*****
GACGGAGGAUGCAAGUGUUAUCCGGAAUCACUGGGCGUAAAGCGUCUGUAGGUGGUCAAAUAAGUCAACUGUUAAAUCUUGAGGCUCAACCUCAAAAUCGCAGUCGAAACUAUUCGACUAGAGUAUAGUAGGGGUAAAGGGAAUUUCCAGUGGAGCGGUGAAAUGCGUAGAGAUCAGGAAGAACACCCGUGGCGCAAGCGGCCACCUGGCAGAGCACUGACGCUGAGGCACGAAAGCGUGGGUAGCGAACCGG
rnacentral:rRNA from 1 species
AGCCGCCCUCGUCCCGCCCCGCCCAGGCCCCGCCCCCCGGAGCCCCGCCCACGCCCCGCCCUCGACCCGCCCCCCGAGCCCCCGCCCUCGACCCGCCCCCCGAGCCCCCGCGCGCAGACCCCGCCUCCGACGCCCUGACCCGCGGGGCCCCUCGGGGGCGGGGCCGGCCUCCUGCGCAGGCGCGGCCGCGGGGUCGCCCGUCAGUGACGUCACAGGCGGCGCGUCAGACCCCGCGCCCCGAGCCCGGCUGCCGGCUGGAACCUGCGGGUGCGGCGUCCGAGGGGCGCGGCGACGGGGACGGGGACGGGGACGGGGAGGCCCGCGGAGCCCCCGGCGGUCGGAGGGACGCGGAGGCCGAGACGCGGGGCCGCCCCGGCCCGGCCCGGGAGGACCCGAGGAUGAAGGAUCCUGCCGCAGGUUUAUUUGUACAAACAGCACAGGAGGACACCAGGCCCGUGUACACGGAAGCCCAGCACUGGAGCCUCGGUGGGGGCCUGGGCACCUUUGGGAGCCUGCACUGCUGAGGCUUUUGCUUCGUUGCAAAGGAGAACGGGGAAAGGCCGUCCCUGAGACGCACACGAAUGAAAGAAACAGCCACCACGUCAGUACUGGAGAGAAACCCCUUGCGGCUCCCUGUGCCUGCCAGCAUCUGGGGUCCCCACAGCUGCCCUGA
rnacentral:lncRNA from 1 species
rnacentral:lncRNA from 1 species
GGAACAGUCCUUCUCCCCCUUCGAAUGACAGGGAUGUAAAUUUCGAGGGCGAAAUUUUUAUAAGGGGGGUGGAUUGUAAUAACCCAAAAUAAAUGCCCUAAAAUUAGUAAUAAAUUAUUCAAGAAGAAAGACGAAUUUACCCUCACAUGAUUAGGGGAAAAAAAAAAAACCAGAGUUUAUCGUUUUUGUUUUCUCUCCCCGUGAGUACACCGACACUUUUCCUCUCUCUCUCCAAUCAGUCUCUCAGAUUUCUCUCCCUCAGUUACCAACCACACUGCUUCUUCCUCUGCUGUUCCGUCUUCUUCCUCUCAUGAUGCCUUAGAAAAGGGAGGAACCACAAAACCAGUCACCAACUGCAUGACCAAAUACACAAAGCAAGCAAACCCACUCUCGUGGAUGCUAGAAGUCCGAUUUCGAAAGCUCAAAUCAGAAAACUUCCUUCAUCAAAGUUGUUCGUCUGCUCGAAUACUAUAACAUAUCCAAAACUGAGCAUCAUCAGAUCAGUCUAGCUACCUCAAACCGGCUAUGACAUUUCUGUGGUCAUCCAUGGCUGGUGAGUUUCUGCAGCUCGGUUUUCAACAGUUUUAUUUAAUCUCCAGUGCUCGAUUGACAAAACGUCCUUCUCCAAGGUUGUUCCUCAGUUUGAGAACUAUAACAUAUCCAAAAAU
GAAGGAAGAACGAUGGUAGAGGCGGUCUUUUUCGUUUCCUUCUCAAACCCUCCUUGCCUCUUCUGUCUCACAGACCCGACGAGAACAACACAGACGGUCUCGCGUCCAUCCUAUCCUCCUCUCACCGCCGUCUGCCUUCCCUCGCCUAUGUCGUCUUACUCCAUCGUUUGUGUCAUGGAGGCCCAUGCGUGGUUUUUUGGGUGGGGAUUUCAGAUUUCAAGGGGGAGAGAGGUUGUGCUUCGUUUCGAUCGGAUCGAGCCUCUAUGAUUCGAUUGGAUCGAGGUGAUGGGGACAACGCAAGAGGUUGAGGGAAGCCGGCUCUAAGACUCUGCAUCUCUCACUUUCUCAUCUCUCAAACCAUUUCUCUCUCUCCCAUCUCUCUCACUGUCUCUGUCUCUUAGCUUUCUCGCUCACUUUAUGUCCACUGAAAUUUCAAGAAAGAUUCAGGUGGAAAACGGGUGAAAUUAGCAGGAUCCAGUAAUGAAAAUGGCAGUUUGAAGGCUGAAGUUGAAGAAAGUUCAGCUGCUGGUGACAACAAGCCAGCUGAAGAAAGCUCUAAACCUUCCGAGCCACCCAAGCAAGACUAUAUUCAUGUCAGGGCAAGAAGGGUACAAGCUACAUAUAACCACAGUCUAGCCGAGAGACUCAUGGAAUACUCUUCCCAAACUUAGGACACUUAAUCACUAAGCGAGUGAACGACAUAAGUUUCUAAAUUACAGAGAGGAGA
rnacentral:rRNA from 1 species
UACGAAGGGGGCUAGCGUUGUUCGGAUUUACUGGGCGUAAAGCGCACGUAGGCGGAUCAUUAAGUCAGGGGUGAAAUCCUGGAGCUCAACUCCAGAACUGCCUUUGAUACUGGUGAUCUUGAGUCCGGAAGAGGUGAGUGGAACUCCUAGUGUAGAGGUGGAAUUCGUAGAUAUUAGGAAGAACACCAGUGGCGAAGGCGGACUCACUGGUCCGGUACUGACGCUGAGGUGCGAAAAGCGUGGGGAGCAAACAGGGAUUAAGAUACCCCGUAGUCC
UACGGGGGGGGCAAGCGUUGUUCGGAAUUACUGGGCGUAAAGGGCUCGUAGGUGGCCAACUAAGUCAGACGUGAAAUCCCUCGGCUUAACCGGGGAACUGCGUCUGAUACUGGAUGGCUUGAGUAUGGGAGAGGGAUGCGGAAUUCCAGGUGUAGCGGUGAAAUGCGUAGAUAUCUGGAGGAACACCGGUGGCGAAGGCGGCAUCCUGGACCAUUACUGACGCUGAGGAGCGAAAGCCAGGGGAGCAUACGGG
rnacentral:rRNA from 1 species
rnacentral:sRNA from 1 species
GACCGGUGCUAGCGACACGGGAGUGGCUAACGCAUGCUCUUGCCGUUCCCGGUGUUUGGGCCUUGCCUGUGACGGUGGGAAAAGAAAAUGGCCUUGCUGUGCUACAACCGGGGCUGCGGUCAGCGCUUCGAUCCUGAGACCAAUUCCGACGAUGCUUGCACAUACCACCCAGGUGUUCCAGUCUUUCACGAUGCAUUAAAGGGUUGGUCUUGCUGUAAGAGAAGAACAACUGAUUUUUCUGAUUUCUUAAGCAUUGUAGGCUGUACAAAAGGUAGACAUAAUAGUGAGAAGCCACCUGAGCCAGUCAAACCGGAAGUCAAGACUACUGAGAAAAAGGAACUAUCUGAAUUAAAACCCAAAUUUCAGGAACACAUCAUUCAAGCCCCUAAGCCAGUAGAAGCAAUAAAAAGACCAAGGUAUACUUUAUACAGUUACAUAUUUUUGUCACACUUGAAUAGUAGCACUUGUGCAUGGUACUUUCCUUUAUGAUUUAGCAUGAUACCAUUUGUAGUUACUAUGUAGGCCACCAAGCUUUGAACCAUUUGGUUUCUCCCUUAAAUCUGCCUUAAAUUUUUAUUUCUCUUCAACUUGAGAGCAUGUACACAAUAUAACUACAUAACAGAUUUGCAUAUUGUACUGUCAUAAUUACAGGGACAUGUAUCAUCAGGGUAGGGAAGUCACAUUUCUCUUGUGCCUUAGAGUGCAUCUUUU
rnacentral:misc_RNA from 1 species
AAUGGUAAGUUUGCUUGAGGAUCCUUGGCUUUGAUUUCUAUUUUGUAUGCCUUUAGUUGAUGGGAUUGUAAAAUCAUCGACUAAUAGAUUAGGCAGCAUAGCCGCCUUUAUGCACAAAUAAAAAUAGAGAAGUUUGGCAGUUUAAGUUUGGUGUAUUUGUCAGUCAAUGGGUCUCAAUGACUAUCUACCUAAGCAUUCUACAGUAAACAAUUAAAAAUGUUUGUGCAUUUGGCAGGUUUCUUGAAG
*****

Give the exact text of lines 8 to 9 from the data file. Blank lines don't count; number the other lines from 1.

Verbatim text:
rnacentral:rRNA from 1 species
UACGAAGGGGGCUAGCGUUGUUCGGAUUUACUGGGCGUAAAGCGCACGUAGGCGGAUCAUUAAGUCAGGGGUGAAAUCCUGGAGCUCAACUCCAGAACUGCCUUUGAUACUGGUGAUCUUGAGUCCGGAAGAGGUGAGUGGAACUCCUAGUGUAGAGGUGGAAUUCGUAGAUAUUAGGAAGAACACCAGUGGCGAAGGCGGACUCACUGGUCCGGUACUGACGCUGAGGUGCGAAAAGCGUGGGGAGCAAACAGGGAUUAAGAUACCCCGUAGUCC